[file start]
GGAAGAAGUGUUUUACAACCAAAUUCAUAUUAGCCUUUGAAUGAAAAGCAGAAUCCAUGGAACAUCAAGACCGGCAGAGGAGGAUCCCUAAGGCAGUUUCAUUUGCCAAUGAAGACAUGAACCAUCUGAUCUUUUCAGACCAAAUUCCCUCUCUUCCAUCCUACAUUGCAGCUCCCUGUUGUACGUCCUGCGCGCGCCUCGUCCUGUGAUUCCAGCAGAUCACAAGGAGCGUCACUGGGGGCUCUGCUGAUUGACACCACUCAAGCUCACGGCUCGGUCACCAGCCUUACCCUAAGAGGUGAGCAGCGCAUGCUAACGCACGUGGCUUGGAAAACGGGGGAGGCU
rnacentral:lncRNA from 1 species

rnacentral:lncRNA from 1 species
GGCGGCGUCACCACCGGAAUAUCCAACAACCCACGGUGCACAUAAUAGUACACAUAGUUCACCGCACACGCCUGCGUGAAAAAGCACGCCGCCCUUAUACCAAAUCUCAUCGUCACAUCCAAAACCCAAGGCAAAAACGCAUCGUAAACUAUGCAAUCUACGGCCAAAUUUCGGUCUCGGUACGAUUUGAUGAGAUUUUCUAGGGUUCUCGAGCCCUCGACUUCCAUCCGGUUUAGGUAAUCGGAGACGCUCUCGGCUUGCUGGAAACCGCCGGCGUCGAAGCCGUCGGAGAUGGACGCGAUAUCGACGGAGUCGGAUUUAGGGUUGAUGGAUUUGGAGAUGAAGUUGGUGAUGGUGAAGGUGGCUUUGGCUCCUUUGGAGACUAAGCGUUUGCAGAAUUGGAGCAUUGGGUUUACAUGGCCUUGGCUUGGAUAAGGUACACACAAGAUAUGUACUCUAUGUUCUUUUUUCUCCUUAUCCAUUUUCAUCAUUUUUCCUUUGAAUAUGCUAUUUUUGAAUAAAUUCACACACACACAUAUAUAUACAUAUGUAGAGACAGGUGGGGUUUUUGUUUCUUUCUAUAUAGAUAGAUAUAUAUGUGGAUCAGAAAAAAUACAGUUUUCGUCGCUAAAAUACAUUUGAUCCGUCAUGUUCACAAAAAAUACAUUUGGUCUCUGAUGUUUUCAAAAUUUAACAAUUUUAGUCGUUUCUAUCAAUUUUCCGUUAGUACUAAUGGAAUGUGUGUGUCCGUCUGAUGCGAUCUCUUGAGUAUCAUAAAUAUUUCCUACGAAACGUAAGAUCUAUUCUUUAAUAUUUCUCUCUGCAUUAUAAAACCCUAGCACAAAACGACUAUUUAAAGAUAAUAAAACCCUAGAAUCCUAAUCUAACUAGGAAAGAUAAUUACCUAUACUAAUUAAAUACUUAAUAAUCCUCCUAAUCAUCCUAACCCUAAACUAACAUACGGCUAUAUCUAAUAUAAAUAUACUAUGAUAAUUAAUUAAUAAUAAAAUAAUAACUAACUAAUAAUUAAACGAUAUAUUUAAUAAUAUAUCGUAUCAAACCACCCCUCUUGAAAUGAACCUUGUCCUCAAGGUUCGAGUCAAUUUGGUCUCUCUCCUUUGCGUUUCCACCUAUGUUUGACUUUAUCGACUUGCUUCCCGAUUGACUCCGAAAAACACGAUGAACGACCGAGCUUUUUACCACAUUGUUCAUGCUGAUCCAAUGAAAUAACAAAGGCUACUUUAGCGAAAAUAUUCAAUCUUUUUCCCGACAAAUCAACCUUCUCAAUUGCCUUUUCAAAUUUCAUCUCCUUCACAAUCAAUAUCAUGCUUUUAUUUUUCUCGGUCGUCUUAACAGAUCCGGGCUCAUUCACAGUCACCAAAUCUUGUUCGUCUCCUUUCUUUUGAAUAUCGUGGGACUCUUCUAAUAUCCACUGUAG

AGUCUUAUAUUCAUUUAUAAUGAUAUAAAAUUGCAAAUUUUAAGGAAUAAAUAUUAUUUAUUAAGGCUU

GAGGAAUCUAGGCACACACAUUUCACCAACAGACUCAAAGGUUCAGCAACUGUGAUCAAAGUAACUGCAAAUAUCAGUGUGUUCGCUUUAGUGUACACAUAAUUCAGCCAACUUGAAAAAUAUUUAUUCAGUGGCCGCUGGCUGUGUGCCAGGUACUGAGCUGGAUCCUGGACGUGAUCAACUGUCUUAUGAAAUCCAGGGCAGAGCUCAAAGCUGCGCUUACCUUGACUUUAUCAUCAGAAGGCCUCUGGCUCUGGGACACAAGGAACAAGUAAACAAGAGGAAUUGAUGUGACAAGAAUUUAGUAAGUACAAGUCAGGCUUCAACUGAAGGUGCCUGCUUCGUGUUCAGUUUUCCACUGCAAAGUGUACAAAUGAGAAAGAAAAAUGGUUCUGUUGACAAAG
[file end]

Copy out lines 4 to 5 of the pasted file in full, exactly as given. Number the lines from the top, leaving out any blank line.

GGCGGCGUCACCACCGGAAUAUCCAACAACCCACGGUGCACAUAAUAGUACACAUAGUUCACCGCACACGCCUGCGUGAAAAAGCACGCCGCCCUUAUACCAAAUCUCAUCGUCACAUCCAAAACCCAAGGCAAAAACGCAUCGUAAACUAUGCAAUCUACGGCCAAAUUUCGGUCUCGGUACGAUUUGAUGAGAUUUUCUAGGGUUCUCGAGCCCUCGACUUCCAUCCGGUUUAGGUAAUCGGAGACGCUCUCGGCUUGCUGGAAACCGCCGGCGUCGAAGCCGUCGGAGAUGGACGCGAUAUCGACGGAGUCGGAUUUAGGGUUGAUGGAUUUGGAGAUGAAGUUGGUGAUGGUGAAGGUGGCUUUGGCUCCUUUGGAGACUAAGCGUUUGCAGAAUUGGAGCAUUGGGUUUACAUGGCCUUGGCUUGGAUAAGGUACACACAAGAUAUGUACUCUAUGUUCUUUUUUCUCCUUAUCCAUUUUCAUCAUUUUUCCUUUGAAUAUGCUAUUUUUGAAUAAAUUCACACACACACAUAUAUAUACAUAUGUAGAGACAGGUGGGGUUUUUGUUUCUUUCUAUAUAGAUAGAUAUAUAUGUGGAUCAGAAAAAAUACAGUUUUCGUCGCUAAAAUACAUUUGAUCCGUCAUGUUCACAAAAAAUACAUUUGGUCUCUGAUGUUUUCAAAAUUUAACAAUUUUAGUCGUUUCUAUCAAUUUUCCGUUAGUACUAAUGGAAUGUGUGUGUCCGUCUGAUGCGAUCUCUUGAGUAUCAUAAAUAUUUCCUACGAAACGUAAGAUCUAUUCUUUAAUAUUUCUCUCUGCAUUAUAAAACCCUAGCACAAAACGACUAUUUAAAGAUAAUAAAACCCUAGAAUCCUAAUCUAACUAGGAAAGAUAAUUACCUAUACUAAUUAAAUACUUAAUAAUCCUCCUAAUCAUCCUAACCCUAAACUAACAUACGGCUAUAUCUAAUAUAAAUAUACUAUGAUAAUUAAUUAAUAAUAAAAUAAUAACUAACUAAUAAUUAAACGAUAUAUUUAAUAAUAUAUCGUAUCAAACCACCCCUCUUGAAAUGAACCUUGUCCUCAAGGUUCGAGUCAAUUUGGUCUCUCUCCUUUGCGUUUCCACCUAUGUUUGACUUUAUCGACUUGCUUCCCGAUUGACUCCGAAAAACACGAUGAACGACCGAGCUUUUUACCACAUUGUUCAUGCUGAUCCAAUGAAAUAACAAAGGCUACUUUAGCGAAAAUAUUCAAUCUUUUUCCCGACAAAUCAACCUUCUCAAUUGCCUUUUCAAAUUUCAUCUCCUUCACAAUCAAUAUCAUGCUUUUAUUUUUCUCGGUCGUCUUAACAGAUCCGGGCUCAUUCACAGUCACCAAAUCUUGUUCGUCUCCUUUCUUUUGAAUAUCGUGGGACUCUUCUAAUAUCCACUGUAG

AGUCUUAUAUUCAUUUAUAAUGAUAUAAAAUUGCAAAUUUUAAGGAAUAAAUAUUAUUUAUUAAGGCUU